Waves of cyber attacks hit Netflix, Spotify, Twitter
October 21, 2016
Seid Yassin (370 articles)
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Waves of cyber attacks hit Netflix, Spotify, Twitter

SAN FRANCISCO — At least two successive waves of online attacks blocked multiple major websites Friday, at times making it impossible for many users on the East Coast to access Twitter, Spotify, Netflix, Amazon, Tumblr and Reddit.

The first attacks appear to have begun around 7:10 am Friday, then resolved towards 9:30 am, but then a fresh wave began.

The cause was a large-scale distributed denial of service attack (DDoS) against Internet performance company Dyn that blocked user access to many popular sites.
Dyn reported the sites going down at around 11:10 a.m. UTC, or roughly 7:10 a.m. ET, posting on its website that it “began monitoring and mitigating a DDoS attack against our Dyn Managed DNS infrastructure.”

In an update posted at 8:45 a.m. ET, the company confirmed the attack, noting that “this attack is mainly impacting US East and is impacting Managed DNS customers in this region. Our Engineers are continuing to work on mitigating this issue.”

White House Press Secretary Josh Earnest said the Department of Homeland Security was “monitoring the situation” but that “at this point I don’t have any information about who may be responsible for this malicious activity.”

It was unclear Friday if the attacks are focused on Dyn specifically or companies that it provides services to, said Carl Herberger, vice president of security at security company Radware.

The attack is “consistent with record-setting sized cyberattacks seen in the last few weeks,” he said.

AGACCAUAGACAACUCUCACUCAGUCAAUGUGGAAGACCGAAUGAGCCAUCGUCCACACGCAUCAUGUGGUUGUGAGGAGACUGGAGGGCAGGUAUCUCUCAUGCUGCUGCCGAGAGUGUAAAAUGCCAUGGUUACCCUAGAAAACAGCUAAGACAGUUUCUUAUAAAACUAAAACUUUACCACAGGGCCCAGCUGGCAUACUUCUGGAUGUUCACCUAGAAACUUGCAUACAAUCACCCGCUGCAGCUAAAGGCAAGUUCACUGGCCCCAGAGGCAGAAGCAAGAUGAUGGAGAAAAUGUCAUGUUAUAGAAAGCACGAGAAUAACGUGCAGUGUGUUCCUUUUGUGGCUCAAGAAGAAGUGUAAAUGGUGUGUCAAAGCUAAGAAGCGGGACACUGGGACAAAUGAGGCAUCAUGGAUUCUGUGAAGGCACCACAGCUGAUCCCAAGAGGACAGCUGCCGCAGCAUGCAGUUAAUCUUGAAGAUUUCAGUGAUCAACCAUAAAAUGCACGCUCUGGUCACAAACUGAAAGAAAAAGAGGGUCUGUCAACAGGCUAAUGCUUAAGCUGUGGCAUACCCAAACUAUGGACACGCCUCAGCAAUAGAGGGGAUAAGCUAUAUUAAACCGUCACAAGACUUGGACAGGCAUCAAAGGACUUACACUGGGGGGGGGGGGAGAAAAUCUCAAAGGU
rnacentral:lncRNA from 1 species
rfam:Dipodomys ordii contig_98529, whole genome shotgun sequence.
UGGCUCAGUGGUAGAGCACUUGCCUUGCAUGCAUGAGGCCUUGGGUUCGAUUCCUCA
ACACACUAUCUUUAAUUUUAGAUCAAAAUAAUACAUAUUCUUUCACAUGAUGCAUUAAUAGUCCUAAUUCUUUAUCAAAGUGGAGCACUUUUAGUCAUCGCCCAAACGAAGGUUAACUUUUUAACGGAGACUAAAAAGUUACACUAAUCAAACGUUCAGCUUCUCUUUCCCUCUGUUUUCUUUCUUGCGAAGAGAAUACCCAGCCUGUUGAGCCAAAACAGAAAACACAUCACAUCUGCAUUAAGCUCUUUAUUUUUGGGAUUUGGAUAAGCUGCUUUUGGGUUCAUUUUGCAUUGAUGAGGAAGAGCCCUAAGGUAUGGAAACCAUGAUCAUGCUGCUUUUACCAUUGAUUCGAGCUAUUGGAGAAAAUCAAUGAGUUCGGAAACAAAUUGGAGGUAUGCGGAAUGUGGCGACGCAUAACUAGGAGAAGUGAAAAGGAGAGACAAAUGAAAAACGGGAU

He noted that easy-to-use computer code that allows even amateurs to create to create robot networks, so-called ‘bot nets’, to attack websites was released by hackers earlier this month
Others worried the attack could be from a nation-state rather than simply an individual seeking to wreak havoc.

“This is not a script kiddie,” said Markus Jakobsson, chief scientist at Agari, a computer security firm based in San Mateo, Calif. By that he meant unskilled hackers who use others’ programs, or scripts, to hack into systems because they lack the expertise to write their own software.

“This not just an instant job, this is something that was probably worked on for weeks if not for months by really competent people,” he said.

Amazon, whose web service AWS hosts many of the web’s popular destinations including Netflix, also reported East Coast issues around the same time. In an update posted at 9:36 a.m. ET it said that it had “been resolved and the service is operating normally.”

Amazon noted that it was suffering from a “hostname” issue and it was not immediately clear if it was related to the DDoS attack Dyn received.

Source | usatoday